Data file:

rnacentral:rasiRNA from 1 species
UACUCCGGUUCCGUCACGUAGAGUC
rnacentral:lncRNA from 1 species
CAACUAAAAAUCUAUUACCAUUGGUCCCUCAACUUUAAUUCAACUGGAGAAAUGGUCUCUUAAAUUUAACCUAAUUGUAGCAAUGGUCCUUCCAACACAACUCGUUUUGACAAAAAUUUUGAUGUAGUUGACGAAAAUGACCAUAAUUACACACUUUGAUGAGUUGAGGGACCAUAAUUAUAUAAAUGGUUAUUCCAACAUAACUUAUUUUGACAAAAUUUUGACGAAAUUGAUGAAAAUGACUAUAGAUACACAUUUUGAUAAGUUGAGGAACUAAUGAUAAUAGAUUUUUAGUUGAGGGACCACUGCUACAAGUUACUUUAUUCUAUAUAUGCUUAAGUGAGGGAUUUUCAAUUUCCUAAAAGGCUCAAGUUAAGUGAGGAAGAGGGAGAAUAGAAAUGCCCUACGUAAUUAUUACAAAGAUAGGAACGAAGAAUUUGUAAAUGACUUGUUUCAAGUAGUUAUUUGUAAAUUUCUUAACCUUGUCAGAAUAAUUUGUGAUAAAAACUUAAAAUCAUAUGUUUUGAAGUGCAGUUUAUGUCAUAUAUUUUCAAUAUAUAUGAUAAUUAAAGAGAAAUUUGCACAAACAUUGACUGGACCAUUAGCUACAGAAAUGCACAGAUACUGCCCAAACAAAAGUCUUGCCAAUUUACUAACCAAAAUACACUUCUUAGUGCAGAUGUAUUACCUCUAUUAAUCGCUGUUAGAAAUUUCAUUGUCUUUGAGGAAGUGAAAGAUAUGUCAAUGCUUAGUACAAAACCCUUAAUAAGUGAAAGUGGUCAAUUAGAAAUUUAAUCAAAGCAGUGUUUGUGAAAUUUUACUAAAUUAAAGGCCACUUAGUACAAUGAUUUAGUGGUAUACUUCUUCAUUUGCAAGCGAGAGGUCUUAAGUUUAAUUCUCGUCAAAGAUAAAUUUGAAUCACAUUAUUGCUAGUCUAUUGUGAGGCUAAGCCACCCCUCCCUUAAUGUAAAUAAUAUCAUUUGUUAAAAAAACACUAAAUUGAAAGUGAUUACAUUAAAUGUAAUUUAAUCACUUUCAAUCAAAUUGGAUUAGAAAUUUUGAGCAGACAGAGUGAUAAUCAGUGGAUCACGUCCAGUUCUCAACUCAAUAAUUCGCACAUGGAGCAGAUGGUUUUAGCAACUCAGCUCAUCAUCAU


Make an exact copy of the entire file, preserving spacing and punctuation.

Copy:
rnacentral:rasiRNA from 1 species
UACUCCGGUUCCGUCACGUAGAGUC
rnacentral:lncRNA from 1 species
CAACUAAAAAUCUAUUACCAUUGGUCCCUCAACUUUAAUUCAACUGGAGAAAUGGUCUCUUAAAUUUAACCUAAUUGUAGCAAUGGUCCUUCCAACACAACUCGUUUUGACAAAAAUUUUGAUGUAGUUGACGAAAAUGACCAUAAUUACACACUUUGAUGAGUUGAGGGACCAUAAUUAUAUAAAUGGUUAUUCCAACAUAACUUAUUUUGACAAAAUUUUGACGAAAUUGAUGAAAAUGACUAUAGAUACACAUUUUGAUAAGUUGAGGAACUAAUGAUAAUAGAUUUUUAGUUGAGGGACCACUGCUACAAGUUACUUUAUUCUAUAUAUGCUUAAGUGAGGGAUUUUCAAUUUCCUAAAAGGCUCAAGUUAAGUGAGGAAGAGGGAGAAUAGAAAUGCCCUACGUAAUUAUUACAAAGAUAGGAACGAAGAAUUUGUAAAUGACUUGUUUCAAGUAGUUAUUUGUAAAUUUCUUAACCUUGUCAGAAUAAUUUGUGAUAAAAACUUAAAAUCAUAUGUUUUGAAGUGCAGUUUAUGUCAUAUAUUUUCAAUAUAUAUGAUAAUUAAAGAGAAAUUUGCACAAACAUUGACUGGACCAUUAGCUACAGAAAUGCACAGAUACUGCCCAAACAAAAGUCUUGCCAAUUUACUAACCAAAAUACACUUCUUAGUGCAGAUGUAUUACCUCUAUUAAUCGCUGUUAGAAAUUUCAUUGUCUUUGAGGAAGUGAAAGAUAUGUCAAUGCUUAGUACAAAACCCUUAAUAAGUGAAAGUGGUCAAUUAGAAAUUUAAUCAAAGCAGUGUUUGUGAAAUUUUACUAAAUUAAAGGCCACUUAGUACAAUGAUUUAGUGGUAUACUUCUUCAUUUGCAAGCGAGAGGUCUUAAGUUUAAUUCUCGUCAAAGAUAAAUUUGAAUCACAUUAUUGCUAGUCUAUUGUGAGGCUAAGCCACCCCUCCCUUAAUGUAAAUAAUAUCAUUUGUUAAAAAAACACUAAAUUGAAAGUGAUUACAUUAAAUGUAAUUUAAUCACUUUCAAUCAAAUUGGAUUAGAAAUUUUGAGCAGACAGAGUGAUAAUCAGUGGAUCACGUCCAGUUCUCAACUCAAUAAUUCGCACAUGGAGCAGAUGGUUUUAGCAACUCAGCUCAUCAUCAU